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Culture of death: update.

The following items are not in any order of importance but they all concern--for good or bad--the dignity of human life.

International

Warsaw--Poland's socialist (read, former Communist) dominated upper House of Parliament amended the 1993 law against abortion on August 30, 1996, to permit the free killing of the unborn in theory only up to the 12th week but, as practice will show, in reality without time limit. The vote was 208 to 61, with 15 abstentions. On October 24, the lower House followed suit.

Cape Town--South Africa, too, adopted open season on the unborn when in early summer the South African cabinet decided to allow abortion on demand up to the 14th week of pregnancy. On October 29, the National Assembly, dominated by Nelson Mandela's National Party, approved the decision. The Catholic Church denounced it. The law was signed on December 11, 1996.

China

According to a Chinese newspaper, authorities in the town of Shenzhein have "forced" 906 families out of the city for "exceeding family-planning targets." The families were notified that they had 15 days to leave the city. Authorities confiscated their "residence certificates, revoked their labor permits and business licenses and ordered the housing department to stop renting apartments and shops to them." China's forced-abortion policy allows one child per couple. (Ft. Worth Star-Telegram, Dec. 4, 1996)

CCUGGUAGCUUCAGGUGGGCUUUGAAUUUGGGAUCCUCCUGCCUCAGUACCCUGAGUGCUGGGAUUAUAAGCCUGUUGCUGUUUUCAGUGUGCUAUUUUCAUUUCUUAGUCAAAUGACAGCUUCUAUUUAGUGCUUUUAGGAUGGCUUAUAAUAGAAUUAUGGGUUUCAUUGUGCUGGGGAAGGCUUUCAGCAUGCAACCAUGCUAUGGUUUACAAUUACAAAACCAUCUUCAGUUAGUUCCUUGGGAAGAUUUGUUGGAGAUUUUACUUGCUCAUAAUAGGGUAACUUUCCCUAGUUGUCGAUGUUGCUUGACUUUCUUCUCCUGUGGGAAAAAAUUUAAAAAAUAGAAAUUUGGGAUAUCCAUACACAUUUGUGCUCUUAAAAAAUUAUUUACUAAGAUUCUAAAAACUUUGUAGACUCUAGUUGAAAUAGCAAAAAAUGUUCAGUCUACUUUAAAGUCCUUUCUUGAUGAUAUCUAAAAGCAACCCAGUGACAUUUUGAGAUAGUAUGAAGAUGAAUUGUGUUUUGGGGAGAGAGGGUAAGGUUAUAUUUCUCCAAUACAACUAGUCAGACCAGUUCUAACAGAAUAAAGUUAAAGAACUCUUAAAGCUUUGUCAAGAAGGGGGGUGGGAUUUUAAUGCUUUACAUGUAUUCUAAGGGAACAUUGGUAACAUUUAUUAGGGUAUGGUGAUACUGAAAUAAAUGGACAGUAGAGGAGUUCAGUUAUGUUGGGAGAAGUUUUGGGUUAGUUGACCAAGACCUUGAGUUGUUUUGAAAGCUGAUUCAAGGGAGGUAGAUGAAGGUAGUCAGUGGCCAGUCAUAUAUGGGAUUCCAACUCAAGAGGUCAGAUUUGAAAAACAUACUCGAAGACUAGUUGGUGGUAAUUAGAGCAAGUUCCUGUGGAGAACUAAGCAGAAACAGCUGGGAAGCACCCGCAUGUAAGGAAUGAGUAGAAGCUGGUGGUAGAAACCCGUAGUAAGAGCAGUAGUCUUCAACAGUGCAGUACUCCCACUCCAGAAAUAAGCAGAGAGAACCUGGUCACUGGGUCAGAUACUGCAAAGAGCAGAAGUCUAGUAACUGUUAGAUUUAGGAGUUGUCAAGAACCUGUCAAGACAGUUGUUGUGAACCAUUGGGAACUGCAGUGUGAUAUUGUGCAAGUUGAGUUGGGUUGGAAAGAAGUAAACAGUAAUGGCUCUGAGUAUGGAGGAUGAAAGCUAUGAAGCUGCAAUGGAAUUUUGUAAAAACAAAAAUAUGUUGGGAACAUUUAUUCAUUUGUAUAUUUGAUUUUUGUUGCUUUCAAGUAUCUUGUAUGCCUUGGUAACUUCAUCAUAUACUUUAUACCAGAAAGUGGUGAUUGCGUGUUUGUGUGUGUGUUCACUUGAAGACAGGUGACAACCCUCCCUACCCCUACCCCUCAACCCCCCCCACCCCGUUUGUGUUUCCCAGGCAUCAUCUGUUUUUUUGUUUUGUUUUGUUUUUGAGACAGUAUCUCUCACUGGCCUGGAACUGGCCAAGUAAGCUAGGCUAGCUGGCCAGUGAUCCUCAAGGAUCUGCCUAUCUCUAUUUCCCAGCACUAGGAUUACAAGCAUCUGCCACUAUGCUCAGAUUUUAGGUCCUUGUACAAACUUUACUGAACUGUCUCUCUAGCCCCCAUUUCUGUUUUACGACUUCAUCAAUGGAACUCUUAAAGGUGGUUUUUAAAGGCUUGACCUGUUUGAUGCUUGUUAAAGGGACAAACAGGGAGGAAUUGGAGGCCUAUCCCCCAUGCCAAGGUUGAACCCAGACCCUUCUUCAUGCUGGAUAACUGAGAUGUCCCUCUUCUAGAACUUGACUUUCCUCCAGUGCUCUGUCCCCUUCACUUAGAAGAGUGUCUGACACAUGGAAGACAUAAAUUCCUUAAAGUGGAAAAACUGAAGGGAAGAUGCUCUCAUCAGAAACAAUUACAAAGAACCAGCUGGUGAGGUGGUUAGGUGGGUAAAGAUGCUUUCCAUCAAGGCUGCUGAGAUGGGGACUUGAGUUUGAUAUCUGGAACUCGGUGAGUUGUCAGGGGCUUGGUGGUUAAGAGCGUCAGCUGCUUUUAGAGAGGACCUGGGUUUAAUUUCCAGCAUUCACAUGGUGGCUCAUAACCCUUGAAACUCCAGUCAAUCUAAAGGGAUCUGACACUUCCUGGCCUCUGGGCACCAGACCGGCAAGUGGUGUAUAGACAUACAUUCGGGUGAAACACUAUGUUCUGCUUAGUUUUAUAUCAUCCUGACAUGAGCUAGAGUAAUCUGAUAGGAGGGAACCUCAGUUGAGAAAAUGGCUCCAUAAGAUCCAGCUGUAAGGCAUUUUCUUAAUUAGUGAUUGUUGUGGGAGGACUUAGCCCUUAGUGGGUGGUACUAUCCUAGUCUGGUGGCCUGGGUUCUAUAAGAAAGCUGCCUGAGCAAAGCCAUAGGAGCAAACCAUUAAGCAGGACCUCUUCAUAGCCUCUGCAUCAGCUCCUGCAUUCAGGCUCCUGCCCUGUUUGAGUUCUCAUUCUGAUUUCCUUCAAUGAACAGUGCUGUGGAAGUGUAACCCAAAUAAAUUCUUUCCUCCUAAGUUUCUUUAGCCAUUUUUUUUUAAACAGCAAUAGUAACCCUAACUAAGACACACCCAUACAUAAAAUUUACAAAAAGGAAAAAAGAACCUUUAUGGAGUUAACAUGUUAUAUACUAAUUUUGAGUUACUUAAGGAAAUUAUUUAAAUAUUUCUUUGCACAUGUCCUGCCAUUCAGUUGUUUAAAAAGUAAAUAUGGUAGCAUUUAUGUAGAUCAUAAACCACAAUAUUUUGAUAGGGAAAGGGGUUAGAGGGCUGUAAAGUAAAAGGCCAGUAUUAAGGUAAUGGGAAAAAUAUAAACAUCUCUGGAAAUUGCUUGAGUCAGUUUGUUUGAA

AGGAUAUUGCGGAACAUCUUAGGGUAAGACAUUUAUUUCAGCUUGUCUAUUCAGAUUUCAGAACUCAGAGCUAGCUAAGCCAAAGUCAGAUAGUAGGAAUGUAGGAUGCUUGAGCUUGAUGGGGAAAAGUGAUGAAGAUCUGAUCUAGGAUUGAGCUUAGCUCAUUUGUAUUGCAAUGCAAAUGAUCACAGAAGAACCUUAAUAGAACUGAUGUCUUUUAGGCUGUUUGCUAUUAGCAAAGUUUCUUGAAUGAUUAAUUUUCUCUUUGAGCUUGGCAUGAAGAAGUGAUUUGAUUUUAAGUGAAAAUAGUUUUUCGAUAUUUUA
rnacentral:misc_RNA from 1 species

Washington, D.C.--The Population Research Institute (PRI), an affiliate of Human Life International, has filed a formal petition with the U.S. Food and Drug Administration seeking to halt the sale of the contraceptive device Norplant. (Wanderer, July 18, 1996)

Norplant, developed by New York's Population Council, was tested on women in underdeveloped countries beginning in 1972 and declared free of serious side affects by its manufacturer Wyeth-Ayerst (its Canadian plant is in Montreal). It was given the green light in the U.S. in 1990 and in Canada in December 1993, with medical doctors, contraceptive advocates and the liberal media recommending it as safe.

Unlike women in underdeveloped countries, however, American women have legal rights: today already some 50,000 of them have filed lawsuits for suffering severe side effects. PRI is asking the U.S. government to reverse its approval and force Norplant off the market. It wants to stop the chemical warfare on women and another carnage like that of the Dalkon Shield device, which ruined the health of millions of women across the world.

In 1968 Pope Paul VI re-affirmed the Catholic Church's 1900-year-old objection to artificial contraception as a moral teaching to be adhered to by all Catholics.

Canada

Statistics

Ottawa--Abortion statistics will be discontinued, says Statistics Canada. Monetary savings is the motive (a mere $250,000). The real reason is more likely to be instructions from the Liberal government who are embarrassed every year by the media ruckus over the latest abortion figures. The figure for 1994: 106,255. Total for the years 1970-1996: close to two million.